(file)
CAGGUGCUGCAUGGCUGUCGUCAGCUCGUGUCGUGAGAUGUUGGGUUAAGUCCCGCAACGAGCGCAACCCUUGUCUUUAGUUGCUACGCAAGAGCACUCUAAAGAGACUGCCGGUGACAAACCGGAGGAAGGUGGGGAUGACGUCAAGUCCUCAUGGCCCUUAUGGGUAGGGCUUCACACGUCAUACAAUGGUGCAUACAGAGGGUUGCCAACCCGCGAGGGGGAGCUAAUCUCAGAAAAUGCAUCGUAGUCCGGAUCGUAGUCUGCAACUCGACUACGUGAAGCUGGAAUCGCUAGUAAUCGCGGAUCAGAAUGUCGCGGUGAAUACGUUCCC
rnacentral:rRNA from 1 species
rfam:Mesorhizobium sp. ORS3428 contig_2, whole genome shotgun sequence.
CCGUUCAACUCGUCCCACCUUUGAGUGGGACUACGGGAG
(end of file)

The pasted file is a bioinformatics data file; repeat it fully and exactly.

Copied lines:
CAGGUGCUGCAUGGCUGUCGUCAGCUCGUGUCGUGAGAUGUUGGGUUAAGUCCCGCAACGAGCGCAACCCUUGUCUUUAGUUGCUACGCAAGAGCACUCUAAAGAGACUGCCGGUGACAAACCGGAGGAAGGUGGGGAUGACGUCAAGUCCUCAUGGCCCUUAUGGGUAGGGCUUCACACGUCAUACAAUGGUGCAUACAGAGGGUUGCCAACCCGCGAGGGGGAGCUAAUCUCAGAAAAUGCAUCGUAGUCCGGAUCGUAGUCUGCAACUCGACUACGUGAAGCUGGAAUCGCUAGUAAUCGCGGAUCAGAAUGUCGCGGUGAAUACGUUCCC
rnacentral:rRNA from 1 species
rfam:Mesorhizobium sp. ORS3428 contig_2, whole genome shotgun sequence.
CCGUUCAACUCGUCCCACCUUUGAGUGGGACUACGGGAG